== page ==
First Published: October 1998
Contents: Fantastic Four #1 (November 1961) to #20 (November 1963), and Fantastic Four Annual #1 (1963)
Key Creator Credits: Stan Lee and Jack Kirby
Key First Appearances: Reed Richards/Mr. Fantastic, Susan Storm (Richards)/Invisible Girl, Johnny Storm/Human Torch, Ben Grimm/The Thing, Mole Man, Skrulls, the Baxter Building, Victor Von Doom/Doctor Doom, Alicia Masters, Phillip Masters/The Puppet Master, the Impossible Man, Willie Lumpkin, Ivan Kragoff/The Red Ghost, Super-Apes, Uatu/The Watcher, Mad Thinker, Awesome Android, Super Skrull, Rama-Tut, Owen Reece/Molecule Man, Krang
Story Continues In: Essential Fantastic Four Vol. 2
Overview: In a race to beat the communists to space, scientist Reed Richards leads his best friend, Ben Grimm; his girlfriend, Susan Storm; and her brother, Johnny Storm; in an unshielded rocket to the stars. Cosmic rays bombard their spacecraft, forcing the quartet to return to Earth. They soon discover that the cosmic rays have changed all of them. Reed’s body has become elastic, and takes the name of Mr. Fantastic. Susan now has the ability to disappear at will, and becomes the Invisible Girl. Johnny bursts into flames, and adopts the moniker of the Human Torch (a nod to a Golden Age hero). And Ben Grimm becomes a misshapen lump of clay, soon to become rock-like, and dubs himself The Thing. So begins the Fantastic Four!
The team quickly adopts matching uniforms, made out of “unstable molecules”, and take up residence in New York City’s Baxter Building. Another nod to Marvel’s Golden Age came in issue #4, as Johnny discovered Prince Namor, the Sub-Mariner, sitting in a boarding house. (Lee and Kirby would complete their trip down Golden Age memory lane in Avengers #4, when the Sub-Mariner’s actions helped bring back Captain America, who everyone thought had perished at the end of World War II.)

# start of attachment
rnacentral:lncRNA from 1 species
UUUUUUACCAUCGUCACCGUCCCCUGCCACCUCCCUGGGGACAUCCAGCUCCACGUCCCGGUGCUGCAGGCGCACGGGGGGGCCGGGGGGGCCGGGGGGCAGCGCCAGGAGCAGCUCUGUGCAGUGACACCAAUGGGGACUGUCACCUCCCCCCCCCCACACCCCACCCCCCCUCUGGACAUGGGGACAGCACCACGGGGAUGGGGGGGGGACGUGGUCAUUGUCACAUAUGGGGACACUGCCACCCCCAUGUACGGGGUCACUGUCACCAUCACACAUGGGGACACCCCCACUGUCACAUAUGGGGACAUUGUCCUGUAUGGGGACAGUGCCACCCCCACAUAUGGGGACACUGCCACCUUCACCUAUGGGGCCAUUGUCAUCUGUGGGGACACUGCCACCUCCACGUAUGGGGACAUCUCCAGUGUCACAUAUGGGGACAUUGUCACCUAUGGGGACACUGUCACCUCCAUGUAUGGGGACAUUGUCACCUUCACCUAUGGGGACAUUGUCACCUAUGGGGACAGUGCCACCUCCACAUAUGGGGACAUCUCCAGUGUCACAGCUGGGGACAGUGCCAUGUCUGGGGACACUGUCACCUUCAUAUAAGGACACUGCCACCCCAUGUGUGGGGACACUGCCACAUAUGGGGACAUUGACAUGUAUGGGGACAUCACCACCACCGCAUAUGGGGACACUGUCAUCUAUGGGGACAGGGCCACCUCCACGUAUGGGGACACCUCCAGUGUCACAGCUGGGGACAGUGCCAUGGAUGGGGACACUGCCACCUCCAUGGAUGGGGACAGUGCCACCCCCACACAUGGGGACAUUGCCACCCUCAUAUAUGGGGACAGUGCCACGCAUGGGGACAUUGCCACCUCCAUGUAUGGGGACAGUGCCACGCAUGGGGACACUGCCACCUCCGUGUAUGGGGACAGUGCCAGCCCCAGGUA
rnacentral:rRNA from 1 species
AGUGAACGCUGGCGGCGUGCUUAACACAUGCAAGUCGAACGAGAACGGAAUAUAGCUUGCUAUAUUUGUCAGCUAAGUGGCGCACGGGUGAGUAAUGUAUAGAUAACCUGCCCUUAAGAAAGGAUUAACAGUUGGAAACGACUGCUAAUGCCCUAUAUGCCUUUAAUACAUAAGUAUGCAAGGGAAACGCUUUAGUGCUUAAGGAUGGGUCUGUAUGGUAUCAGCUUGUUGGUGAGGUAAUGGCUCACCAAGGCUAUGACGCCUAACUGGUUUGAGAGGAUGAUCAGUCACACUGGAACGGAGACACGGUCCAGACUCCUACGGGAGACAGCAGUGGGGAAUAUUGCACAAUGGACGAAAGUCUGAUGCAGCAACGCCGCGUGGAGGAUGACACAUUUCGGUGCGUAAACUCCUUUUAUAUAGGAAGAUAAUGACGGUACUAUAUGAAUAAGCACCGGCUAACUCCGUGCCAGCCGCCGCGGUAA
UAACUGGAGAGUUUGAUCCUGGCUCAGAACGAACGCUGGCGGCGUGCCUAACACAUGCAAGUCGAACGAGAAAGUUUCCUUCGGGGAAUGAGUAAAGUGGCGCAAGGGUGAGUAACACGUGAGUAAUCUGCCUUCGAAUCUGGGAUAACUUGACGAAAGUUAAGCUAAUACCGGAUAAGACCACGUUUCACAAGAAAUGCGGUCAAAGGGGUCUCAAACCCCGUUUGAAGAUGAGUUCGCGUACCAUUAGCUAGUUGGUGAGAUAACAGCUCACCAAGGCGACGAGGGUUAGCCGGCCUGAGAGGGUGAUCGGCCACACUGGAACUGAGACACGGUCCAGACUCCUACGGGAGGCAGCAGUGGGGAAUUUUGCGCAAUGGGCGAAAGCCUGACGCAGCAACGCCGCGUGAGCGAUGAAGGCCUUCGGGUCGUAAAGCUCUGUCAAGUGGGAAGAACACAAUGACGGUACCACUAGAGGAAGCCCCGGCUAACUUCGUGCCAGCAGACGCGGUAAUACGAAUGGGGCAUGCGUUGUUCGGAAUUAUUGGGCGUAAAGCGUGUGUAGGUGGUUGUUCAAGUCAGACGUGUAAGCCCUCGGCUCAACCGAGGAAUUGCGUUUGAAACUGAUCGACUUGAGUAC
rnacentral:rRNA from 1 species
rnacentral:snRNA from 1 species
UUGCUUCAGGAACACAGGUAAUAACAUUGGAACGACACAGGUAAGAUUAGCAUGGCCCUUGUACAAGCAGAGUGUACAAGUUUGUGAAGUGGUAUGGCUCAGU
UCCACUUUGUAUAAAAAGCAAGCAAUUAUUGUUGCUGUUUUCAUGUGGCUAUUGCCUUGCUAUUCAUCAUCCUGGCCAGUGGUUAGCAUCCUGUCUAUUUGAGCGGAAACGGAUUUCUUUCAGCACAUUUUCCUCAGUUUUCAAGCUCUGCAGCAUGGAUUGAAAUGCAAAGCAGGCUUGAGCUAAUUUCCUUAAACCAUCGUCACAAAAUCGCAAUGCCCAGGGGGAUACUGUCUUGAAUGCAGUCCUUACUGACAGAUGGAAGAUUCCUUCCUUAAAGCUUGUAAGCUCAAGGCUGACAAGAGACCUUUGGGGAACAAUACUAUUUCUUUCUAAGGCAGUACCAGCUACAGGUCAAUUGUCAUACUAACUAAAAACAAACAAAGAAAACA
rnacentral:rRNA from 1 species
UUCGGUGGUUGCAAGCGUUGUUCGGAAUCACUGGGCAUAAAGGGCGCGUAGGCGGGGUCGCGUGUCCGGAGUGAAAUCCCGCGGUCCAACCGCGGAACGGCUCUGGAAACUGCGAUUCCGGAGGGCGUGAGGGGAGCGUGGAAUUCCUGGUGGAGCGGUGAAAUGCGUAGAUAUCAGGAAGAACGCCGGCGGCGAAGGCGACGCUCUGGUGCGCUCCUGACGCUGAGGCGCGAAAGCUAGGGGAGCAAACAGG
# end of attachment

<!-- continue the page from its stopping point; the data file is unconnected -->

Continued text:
Each month, a new villain would appear on the scene, and it would take the combined efforts of the Fantastic Four to halt the latest menace. From shape-changing Skrulls from outer-space to the Red Ghost and his Super-Apes in outer-space, and from the controlling mind of the Mad Thinker to the mind controlling of the Puppet Master, the Fantastic Four faced all challenges head on. Perhaps the greatest villain in Marvel Comics was introduced in issue #5, when the FF came face-to-face with Dr. Doom, monarch of Latveria, who wants nothing more in life than to exact his revenge on Richards and his family.
What makes this Essential?: This is the cornerstone of the Marvel Universe. If this title had not succeeded, we probably would not have seen Thor, Hulk, Iron Man, Spider-Man, the X-Men, and everyone else that came after the launch of the Fantastic Four. Consider these 21 comics as Marvel’s Declaration of Independence, that told the comic book marketplace that they could do the same books as DC, and they can do them better. The Marvel heroes are real people, with their own character faults and issues. They may bicker and fight, but in the end, they stand together to make things right. Maybe Lee and Kirby were borrowing the challenge issued by then President Kennedy who had proclaimed earlier in 1961 that the U.S. would put a man on the moon by the end of the decade. Lee and Kirby put the Fantastic Four on the moon by issue #13.
Footnotes: Even though Fantastic Four #1 was the birth of the Marvel Age of comics, Essential Fantastic Four Vol. 1 was the 11th Essential released by Marvel, nearly two years after the first edition hit bookshelves.
If you like this volume, try: Marvel Visionaries: Jack Kirby Volume 1. This is the first of two Kirby volumes in the Visionaries collection, with a scattering of Kirby’s Marvel work from the early 1940s to the late 1970s. Kirby’s early work on Captain America is showcased, along with an assortment of sci-fi and western stories. Other stories featured include the previously mentioned Avengers #4; an early Spider-Man back-up; a three-issue arc on Thor; and arguably Kirby’s best four-month stretch on any book of his entire career, Fantastic Four #48 to #51, featuring the debut of the Silver Surfer, Galactus, and “This Man… This Monster.”